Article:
My husband has been suggesting that we opt out of the co-op for a couple of years now because he could see things more clearly than I could being in the thick of it.

Why didn’t we leave sooner? One word: socialization. We needed fellowship, and while this is a need, it is not a dominant need. There are other ways we get out and mingle: music lessons, soccer, local theater productions, and church activities just to name some.

I *enjoyed* the fellowship with other families. My children enjoyed the fellowship as well. Is that a bad thing? Not in an of itself. Again, there are other ways to benefit from fellowship.

Why be a part of something that acts as a barricade to learning and to developing excellent behavior?

The homeschooling realm is becoming diluted with tutorials and such. By subscibing to the mindset that parents can not effectively homeschool their children through high school without a tutorial-type program, parents are admitting that they are inadequate for the job.

It is just not true! The children of parents with this mindset then learn that their parents think they can not teach them these subjects, so they lose confidence in their parents and sadly, in themselves. It is a vicious circle.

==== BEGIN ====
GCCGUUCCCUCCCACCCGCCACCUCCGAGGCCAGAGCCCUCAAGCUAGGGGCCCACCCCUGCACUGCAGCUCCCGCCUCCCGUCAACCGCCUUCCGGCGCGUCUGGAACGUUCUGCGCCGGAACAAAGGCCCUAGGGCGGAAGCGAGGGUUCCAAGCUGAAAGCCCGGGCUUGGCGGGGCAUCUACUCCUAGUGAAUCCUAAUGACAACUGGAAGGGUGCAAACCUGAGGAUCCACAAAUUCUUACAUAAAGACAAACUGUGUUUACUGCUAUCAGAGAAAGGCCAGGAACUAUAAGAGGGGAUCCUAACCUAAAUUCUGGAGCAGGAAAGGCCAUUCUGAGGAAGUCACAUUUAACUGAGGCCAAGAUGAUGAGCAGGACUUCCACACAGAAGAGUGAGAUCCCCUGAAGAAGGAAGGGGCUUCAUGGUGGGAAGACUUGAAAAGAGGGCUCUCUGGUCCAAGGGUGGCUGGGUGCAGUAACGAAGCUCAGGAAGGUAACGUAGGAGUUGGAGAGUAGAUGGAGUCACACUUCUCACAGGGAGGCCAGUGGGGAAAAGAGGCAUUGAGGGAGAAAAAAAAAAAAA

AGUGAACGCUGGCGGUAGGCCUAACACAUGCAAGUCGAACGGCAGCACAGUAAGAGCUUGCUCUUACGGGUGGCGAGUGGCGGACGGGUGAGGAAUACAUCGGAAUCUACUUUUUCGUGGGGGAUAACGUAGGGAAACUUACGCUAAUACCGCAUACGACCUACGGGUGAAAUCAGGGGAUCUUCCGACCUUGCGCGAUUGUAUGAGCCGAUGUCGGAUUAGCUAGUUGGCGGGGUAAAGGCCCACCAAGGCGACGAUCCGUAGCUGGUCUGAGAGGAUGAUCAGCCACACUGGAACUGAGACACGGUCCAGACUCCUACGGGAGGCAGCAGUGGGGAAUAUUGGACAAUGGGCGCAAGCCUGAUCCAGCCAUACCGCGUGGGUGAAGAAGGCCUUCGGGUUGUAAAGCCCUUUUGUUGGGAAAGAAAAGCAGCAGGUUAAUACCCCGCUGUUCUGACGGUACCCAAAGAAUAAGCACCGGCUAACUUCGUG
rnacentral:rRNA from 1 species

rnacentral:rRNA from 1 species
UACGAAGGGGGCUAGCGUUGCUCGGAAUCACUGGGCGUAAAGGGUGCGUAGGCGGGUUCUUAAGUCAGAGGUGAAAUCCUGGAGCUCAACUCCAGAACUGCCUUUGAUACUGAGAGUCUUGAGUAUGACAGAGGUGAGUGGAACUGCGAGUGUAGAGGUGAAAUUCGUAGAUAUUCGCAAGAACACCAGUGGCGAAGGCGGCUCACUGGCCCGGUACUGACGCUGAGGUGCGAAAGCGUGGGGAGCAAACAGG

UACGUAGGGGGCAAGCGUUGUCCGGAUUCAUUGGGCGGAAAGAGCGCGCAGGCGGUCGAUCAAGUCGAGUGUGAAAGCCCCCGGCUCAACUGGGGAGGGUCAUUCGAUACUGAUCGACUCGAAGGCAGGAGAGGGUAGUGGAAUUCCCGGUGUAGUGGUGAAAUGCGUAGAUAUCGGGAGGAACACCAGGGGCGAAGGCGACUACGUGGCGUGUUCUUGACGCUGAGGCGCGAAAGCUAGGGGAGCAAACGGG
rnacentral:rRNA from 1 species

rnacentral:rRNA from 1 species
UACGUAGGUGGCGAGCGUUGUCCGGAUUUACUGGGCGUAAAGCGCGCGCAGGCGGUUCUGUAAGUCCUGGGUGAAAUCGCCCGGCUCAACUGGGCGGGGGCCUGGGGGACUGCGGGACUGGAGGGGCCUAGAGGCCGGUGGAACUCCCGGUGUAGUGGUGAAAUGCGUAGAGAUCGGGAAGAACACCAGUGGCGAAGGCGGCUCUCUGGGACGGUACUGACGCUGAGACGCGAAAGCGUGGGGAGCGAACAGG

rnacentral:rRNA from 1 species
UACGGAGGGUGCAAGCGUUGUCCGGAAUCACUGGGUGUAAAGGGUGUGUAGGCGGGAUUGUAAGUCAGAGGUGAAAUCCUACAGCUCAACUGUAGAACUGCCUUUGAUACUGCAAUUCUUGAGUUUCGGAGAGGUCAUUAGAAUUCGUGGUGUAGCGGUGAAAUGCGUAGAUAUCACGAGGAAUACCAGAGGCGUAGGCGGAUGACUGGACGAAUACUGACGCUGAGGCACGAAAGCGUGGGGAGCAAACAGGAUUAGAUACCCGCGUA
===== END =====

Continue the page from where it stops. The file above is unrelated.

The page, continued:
I remember about 8 years ago traveling down to Macon, Georgia, to visit a lovely family of 12 who also happened to homeschool. At the time I was preparing for the high school years of my own children.

I remember asking the mom of this family how she had “taught Biology” to her home schoolers, two of whom were in college at that time.

My question was: “How did you teach Biology?” The answer was: “I gave them the book.”

Profound? This particular mom didn’t think so, but I sure did. I was one the one with the degree in education. Why didn’t I know how to teach Biology to a high schooler?

Moreover, one of the daughters was in nursing school. I was impressed that just giving the high schooler a book and the teacher’s edition was sufficient to provide the background that the daughter needed for nursing school.

Why didn’t someone hit me over the head with a textbook for asking the question in the first place?

We are so brain-washed to think that a high school student can’t read a text book and figure things out for him or herself! It is ridiculous.